Learning how to send a CC email is simple, and most people will already be well versed in its usage. The “CC” field is usually found within your email composition window, below the “To” field and above the “BCC” field. All you need to do is add your primary contact in the “To” field and then include the contacts you wish to share the thread within the “CC” field. You should always double-check you have included the correct contacts in the correct fields, particularly when using both CC and BCC in tandem, as sharing confidential email addresses with others can be problematic.


Top 5 Dos and Don’ts



Use CC to keep people in the loop. It is best used as an FYI when you don’t  need a reply.

Don’t be passive-aggressive with CC. If you haven’t got a reply, then don’t CC the boss instantly.

Use CC to add contacts to an existing email thread or message.

Don’t micromanage projects or staff using CC. If every message is CC’d then working conditions become suffocating and difficult to manage.

Use CC to introduce two or more people. This allows contact details to be shared without relying on you to be part of the conversation.

Don’t share people’s email address using CC if they wish to remain private or their contact details confidential.

Use “reply all” on CC emails when you want to address the entire group.

Don’t “reply all!” on CC emails if you want to speak to a contact privately.

Use CC to share events, updates, or newsletters with colleagues in your company.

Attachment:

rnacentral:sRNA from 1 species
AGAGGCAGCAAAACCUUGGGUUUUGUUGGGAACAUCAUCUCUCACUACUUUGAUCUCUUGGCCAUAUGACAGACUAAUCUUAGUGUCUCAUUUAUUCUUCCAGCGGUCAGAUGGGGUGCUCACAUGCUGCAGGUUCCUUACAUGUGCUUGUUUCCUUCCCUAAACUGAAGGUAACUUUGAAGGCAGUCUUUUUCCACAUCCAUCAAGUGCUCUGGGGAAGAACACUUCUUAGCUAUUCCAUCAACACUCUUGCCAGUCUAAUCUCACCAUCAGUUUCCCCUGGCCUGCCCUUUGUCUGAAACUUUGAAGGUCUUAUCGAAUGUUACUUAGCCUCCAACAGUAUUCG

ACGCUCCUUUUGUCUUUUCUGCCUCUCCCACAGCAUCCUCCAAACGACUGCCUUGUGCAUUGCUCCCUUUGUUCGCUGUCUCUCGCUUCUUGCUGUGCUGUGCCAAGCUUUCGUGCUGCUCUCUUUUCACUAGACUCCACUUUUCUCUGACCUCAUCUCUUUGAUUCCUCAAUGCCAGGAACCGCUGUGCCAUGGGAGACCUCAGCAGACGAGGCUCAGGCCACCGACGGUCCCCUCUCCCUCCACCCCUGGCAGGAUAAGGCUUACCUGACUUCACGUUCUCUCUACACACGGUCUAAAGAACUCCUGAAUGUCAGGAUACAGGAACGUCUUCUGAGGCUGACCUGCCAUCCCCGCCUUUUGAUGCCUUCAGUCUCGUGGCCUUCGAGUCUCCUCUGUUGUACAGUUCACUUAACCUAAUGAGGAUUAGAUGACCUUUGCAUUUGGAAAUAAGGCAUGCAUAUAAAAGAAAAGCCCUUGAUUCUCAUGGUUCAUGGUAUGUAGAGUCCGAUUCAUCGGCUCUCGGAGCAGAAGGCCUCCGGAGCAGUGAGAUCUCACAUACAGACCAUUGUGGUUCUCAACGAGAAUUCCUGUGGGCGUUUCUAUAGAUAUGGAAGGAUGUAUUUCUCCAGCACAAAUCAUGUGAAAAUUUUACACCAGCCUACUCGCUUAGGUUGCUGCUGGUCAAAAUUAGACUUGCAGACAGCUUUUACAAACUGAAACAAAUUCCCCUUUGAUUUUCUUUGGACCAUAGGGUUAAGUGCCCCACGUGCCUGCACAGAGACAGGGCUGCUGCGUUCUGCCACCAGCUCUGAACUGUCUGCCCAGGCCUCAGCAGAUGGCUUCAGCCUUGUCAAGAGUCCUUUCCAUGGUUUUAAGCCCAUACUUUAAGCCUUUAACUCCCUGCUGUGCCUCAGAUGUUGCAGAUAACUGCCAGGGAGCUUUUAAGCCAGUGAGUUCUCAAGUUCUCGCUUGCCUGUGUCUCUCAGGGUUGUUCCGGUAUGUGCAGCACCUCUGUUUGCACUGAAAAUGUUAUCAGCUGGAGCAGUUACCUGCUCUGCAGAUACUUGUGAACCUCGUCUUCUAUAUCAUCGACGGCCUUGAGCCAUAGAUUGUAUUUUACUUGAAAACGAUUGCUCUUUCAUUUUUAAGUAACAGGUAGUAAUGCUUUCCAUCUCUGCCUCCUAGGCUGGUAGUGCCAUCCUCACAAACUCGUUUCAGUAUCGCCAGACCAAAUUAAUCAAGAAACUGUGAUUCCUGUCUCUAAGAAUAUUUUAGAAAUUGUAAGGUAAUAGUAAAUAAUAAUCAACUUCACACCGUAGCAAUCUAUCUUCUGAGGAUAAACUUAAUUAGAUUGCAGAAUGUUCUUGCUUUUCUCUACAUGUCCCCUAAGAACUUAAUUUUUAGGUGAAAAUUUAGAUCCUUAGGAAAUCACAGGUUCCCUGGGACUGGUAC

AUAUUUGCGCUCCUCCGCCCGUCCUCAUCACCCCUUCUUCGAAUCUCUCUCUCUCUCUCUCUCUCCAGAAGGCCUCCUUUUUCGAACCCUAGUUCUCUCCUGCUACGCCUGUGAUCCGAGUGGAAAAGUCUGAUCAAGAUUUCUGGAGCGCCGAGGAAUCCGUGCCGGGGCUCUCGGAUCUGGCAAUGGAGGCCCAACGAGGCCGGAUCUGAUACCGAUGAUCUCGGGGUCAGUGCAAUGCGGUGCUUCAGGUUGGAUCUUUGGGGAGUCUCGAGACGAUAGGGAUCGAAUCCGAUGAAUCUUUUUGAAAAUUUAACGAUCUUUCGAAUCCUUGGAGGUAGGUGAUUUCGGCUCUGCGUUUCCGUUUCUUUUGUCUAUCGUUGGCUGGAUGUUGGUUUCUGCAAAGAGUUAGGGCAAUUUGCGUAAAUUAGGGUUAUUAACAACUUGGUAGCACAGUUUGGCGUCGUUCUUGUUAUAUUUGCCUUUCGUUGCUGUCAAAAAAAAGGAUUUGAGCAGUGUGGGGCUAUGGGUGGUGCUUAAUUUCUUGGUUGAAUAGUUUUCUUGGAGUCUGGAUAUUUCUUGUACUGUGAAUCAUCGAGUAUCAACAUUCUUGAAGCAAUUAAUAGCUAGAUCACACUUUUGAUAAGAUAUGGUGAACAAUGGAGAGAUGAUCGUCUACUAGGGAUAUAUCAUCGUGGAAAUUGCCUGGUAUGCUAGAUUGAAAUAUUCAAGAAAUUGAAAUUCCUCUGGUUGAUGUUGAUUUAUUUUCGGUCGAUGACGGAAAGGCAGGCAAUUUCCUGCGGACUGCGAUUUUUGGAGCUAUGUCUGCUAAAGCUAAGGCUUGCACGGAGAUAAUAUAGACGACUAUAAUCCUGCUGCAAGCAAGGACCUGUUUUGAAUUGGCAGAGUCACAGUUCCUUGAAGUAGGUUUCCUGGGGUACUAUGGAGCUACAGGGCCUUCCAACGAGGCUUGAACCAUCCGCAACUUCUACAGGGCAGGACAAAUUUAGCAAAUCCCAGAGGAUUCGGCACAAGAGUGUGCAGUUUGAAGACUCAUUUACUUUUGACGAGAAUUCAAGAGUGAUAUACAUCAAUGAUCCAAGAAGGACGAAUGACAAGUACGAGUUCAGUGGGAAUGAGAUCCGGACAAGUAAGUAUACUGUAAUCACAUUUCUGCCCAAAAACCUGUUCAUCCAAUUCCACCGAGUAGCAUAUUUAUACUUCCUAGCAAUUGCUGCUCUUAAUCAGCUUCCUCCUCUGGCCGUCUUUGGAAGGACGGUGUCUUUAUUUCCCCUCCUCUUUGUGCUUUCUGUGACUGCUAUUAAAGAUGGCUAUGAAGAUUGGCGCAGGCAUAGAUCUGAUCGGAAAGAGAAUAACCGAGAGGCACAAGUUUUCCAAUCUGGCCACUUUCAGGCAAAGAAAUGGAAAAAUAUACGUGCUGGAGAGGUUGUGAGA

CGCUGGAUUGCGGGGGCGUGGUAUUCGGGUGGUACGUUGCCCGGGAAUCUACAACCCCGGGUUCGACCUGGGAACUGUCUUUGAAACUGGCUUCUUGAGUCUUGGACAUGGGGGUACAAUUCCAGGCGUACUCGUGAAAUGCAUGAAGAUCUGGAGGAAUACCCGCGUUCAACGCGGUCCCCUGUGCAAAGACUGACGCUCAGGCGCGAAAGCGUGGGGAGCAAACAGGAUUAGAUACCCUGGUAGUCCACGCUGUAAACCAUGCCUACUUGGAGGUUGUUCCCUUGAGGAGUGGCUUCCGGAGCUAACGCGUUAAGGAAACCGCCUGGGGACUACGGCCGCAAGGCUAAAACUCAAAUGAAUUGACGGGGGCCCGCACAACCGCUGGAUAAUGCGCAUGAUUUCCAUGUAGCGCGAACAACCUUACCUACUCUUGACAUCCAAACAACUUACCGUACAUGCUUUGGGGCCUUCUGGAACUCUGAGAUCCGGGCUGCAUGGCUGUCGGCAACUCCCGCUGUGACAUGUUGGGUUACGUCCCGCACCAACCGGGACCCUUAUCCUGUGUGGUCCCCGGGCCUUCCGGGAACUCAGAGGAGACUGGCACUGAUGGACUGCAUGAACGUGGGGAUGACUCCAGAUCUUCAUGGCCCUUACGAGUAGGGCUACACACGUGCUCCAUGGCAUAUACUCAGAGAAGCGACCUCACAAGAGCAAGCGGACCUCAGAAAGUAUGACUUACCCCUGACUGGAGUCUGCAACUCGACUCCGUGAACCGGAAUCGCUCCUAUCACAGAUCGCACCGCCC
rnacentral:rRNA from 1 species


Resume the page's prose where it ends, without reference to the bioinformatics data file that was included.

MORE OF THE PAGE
Don’t use CC if you are sharing events, updates, or newsletters with people outside your company.


For more information on how to use CC, BCC, what is the difference between them, and other email functions, you’ll find everything you need in our resource section. Alternatively, for the latest news on Spike and a wealth of useful tips and tricks on everything from productivity to mindfulness, check out the Spike blog today.


CC, in its full form, stands for Carbon Copy, a function that allows you to send a single email to multiple contacts. It is often used to keep colleagues and clients in the loop, especially when you want to share information but you don’t necessarily need a reply.

Using the CC function is simple. Usually, you will find the CC field either below or beside the “To” field whenever you compose a new email. Simply add in the email addresses into the field and click send when you have finished your email.

CC is used when you want to send a message to multiple contacts. It is commonly used to share information with other contacts, usually when you do not require a direct reply from the people who receive the email.

You can reply to a CC email in exactly the same way as you would a normal email, however, there are few things to remember. If you want to reply only to the original sender then you should click the standard “reply” button. If you want to reply to everyone on the list, then you should click the “reply all” button. Additionally, CC email etiquette suggests that you generally do not reply to CC emails, so double check before you do.

You can only recall a CC email if you have that specific feature on your email client. For example, Spike allows you to unsend an email for up to 10 seconds after you have clicked send. This works with normal emails and CC emails.